Essentially, the move separated the company’s DVDs-by-mail service and its online movie-streaming services, so that you have to pay separately for each service, or bundle them together at a much higher price than customers were paying before.
Customers howled. Even I had this to say about it on a post on Google+:
I’m sure someone had a great spreadsheet that showed in irrefutable detail why this new pricing structure would be a good idea. But strategically, it is a bad move. Netflix adopted DVD mailing as a bridging strategy for a day when the world was ready for online distribution. It’s how they beat the more established competition. I liked having both online and mail options. Online for the convenience and mail for selection (the licensing for online distribution is a real bottleneck). Now, to keep this advantage, I have to pay a steep price increase and neither option by itself looks all that compelling. I am considering dropping the service altogether today. They should have waited a bit, until their online catalog was stronger, before making a move like this.
Customers weren’t the only folks disappointed in the company. Its shares have dropped by half since the announcement:
Â Insult to Injury
Then, this morning, I wake up to find an email in my inbox from Reed Hastings, the CEO of Netflix. It started off like this:
I messed up. I owe you an explanation.
It is clear from the feedback over the past two months that many members felt we lacked respect and humility in the way we announced the separation of DVD and streaming and the price changes. That was certainly not our intent, and I offer my sincere apology…
Wow, I think, maybe they did get the message and are planning on rolling back their mistake and addressing the concerns of their customers. It’s so rare and refreshing when companies do that, but prior to this recent mess-up, I’d always been impressed with the company, so maybe there was hope.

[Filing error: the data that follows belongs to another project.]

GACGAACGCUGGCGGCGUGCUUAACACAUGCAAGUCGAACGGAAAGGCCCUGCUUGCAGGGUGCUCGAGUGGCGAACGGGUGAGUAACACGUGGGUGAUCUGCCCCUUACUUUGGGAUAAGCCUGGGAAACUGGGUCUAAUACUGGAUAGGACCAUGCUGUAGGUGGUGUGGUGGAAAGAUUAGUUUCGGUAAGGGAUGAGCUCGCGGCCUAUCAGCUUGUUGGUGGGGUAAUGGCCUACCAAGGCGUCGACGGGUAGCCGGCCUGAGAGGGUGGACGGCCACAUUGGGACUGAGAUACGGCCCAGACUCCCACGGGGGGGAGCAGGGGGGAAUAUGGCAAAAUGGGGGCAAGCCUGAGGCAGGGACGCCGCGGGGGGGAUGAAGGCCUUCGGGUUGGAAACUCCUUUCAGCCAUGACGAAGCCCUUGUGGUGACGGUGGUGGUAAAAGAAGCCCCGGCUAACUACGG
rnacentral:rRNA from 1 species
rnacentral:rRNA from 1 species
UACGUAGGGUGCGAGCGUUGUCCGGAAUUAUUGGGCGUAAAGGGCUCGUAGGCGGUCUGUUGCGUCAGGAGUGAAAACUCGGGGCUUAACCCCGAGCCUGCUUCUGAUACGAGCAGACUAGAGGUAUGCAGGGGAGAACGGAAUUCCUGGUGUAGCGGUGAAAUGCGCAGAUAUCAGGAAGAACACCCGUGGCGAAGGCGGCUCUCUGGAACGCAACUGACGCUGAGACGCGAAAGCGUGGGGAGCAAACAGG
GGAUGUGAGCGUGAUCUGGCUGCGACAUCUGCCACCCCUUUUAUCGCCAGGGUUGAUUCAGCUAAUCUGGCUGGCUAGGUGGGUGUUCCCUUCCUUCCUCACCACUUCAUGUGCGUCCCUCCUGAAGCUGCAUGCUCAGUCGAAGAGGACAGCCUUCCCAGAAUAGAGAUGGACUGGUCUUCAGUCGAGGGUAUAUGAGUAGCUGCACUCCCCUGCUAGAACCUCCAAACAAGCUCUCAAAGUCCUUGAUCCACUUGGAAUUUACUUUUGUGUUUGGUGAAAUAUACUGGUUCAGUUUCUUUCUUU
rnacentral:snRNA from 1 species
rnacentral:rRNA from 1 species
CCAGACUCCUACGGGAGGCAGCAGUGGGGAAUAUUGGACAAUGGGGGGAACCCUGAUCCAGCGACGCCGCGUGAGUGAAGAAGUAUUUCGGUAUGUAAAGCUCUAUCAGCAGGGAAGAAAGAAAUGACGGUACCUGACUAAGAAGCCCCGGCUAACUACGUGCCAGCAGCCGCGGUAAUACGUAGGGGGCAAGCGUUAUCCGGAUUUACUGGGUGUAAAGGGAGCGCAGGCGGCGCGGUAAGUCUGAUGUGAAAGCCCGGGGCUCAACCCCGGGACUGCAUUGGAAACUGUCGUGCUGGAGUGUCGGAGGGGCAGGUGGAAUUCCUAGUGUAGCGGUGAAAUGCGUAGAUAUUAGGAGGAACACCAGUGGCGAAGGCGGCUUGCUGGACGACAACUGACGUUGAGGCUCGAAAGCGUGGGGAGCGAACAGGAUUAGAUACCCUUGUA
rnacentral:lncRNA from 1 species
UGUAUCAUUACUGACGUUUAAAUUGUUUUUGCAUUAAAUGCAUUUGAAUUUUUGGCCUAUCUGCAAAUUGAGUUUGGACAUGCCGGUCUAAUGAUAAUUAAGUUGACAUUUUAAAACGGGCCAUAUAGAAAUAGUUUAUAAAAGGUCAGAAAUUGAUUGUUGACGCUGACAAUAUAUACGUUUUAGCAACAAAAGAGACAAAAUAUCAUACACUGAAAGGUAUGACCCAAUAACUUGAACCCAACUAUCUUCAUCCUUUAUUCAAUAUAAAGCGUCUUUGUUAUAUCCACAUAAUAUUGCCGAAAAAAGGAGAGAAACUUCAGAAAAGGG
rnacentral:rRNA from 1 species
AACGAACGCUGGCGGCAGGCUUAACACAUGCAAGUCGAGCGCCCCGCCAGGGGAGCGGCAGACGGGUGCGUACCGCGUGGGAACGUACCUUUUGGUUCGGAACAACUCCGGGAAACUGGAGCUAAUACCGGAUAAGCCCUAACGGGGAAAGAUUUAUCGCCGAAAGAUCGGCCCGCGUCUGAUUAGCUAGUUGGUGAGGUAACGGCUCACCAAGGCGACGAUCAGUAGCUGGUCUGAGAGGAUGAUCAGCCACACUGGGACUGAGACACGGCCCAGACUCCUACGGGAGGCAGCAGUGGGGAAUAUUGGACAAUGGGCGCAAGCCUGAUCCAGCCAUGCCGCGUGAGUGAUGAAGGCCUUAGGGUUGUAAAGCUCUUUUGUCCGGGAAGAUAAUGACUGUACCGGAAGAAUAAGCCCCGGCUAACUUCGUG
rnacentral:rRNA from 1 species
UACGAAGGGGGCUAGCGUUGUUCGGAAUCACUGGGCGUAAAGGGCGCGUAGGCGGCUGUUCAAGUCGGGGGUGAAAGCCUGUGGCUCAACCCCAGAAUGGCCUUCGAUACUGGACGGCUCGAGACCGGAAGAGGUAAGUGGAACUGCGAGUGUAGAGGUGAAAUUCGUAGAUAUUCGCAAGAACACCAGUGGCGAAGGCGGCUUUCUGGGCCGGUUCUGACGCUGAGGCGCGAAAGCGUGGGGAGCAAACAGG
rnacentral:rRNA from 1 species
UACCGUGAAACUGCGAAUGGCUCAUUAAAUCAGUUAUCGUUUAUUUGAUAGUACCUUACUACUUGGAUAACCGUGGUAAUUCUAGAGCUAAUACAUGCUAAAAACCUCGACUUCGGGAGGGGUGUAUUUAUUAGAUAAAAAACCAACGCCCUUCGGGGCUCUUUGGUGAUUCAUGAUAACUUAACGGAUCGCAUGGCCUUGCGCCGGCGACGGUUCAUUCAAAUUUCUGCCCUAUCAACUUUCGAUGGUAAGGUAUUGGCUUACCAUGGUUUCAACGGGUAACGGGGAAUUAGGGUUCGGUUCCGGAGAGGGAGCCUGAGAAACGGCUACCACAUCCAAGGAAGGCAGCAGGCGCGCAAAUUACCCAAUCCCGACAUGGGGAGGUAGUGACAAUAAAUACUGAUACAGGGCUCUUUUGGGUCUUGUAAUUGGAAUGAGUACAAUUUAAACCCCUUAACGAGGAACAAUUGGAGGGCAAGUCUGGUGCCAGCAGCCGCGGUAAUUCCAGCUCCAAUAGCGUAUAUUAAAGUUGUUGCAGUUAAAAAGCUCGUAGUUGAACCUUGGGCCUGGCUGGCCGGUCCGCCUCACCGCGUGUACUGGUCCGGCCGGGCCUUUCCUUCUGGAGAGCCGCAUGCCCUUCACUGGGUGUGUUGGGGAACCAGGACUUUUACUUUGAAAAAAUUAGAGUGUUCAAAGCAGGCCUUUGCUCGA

Then I kept reading:
So we realized that streaming and DVD by mail are really becoming two different businesses, with very different cost structures, that need to be marketed differently, and we need to let each grow and operate independently.
Itâ€™s hard to write this after over 10 years of mailing DVDs with pride, but we think it is necessary: In a few weeks, we will rename our DVD by mail service to â€œQwiksterâ€. We chose the name Qwikster because it refers to quick delivery. We will keep the name â€œNetflixâ€ for streaming.
Nope. The insanity was just reaching new proportions. Now the company was completely destroying the one source of competitive advantage that set it apart from competing online services. Now, I would have two movie queues to manage and I get to pay more. Also, who knows whether my movie preference and other useful data will still span between the two services.
In other words, aside from now being able to rent games by mail (which we don’t use), there really are no positive moves here for customers – only downside.
The funny thing about all this is that Hastings made this announcement to correct the impression that the company “lacked respect and humility” in the way it rolled out its changes. Nope. That’s not the problem. The problem is that this latest move simply reinforces the impression that the company lacks any real customer empathy and customer focus.
When you hear companies explaining moves like this to their customers by using terms of “different cost structures” it’s a sure sign that a company is too internally focused – that it’s gotten lost in its internal discussions about business models and internal structure and lost its ability to see things from the point of view of customers. That’s the first sign of death for a company.